NKT cells usually comprise ∼0.5% of total thymocytes, but complement-mediated depletion of CD8+ and HSA+ cells enriches the frequency to 15–30%, which enables more efficient flow cytometric sorting. The sorting strategy produced two populations of CD4+HSA− cells from the enriched thymocytes that were either NK1.1+ or NK1.1−. CD4 was used as a sorting parameter to exclude non-T cell lineages, such as NK cells or B cells, and to select the most immature NKT cells (previously identified as CD4+NK1.1− (4)). TCR-specific reagents such as CD1d tetramer were not used in the sorting process to avoid inadvertent signaling through the TCR that could potentially trigger phenotypic changes or interfere with physiological receptor-ligand interactions. This strategy meant that the sorted fractions included some non-NKT cells (primarily CD4+HSAlow mainstream T cells within the NK1.1− fraction) that were later identified and excluded from analysis by CD1d tetramer staining. At the time of transfer, each fraction was injected directly into the thymus of congenitally distinct WT or CD1d−/− mice. Recipient mice were killed 7 days after intrathymic injection, whereupon the transferred cells were identified via CD45.1 expression, and CD1d tetramer+αβTCR+ NKT cells were analyzed for the expression of NK1.1 (Fig. 1).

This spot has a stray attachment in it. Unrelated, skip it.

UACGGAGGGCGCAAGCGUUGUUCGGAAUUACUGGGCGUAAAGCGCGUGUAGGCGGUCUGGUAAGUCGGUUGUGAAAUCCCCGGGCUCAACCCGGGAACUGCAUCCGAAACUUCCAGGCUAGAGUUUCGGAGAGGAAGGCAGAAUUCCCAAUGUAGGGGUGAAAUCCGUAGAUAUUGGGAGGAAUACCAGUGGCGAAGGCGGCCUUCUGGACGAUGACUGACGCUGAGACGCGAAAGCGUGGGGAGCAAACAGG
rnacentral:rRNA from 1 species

Our results show a clear reliance on CD1d for NK1.1 up-regulation. In WT recipients of NK1.1− NKT cells, >70% of donor-origin NKT cells had become NK1.1+ 7 days after transfer (Fig. 1 B). This is consistent with previous reports from our group and others and reflects the normal pattern of NKT cell maturation in the WT thymic microenvironment (4, 5). In stark contrast, however, ∼75% of NK1.1− NKT cells transferred into the thymus of CD1d−/− mice remained NK1.1− 7 days after transfer, suggesting that their maturation was CD1d/TCR dependent. NK1.1+ NKT cells maintained NK1.1 expression when transferred into either strain, although there was some minor NK1.1 down-regulation in CD1d−/− recipients, which implies that NK1.1 expression is partly maintained, as well as initiated, by interactions with CD1d.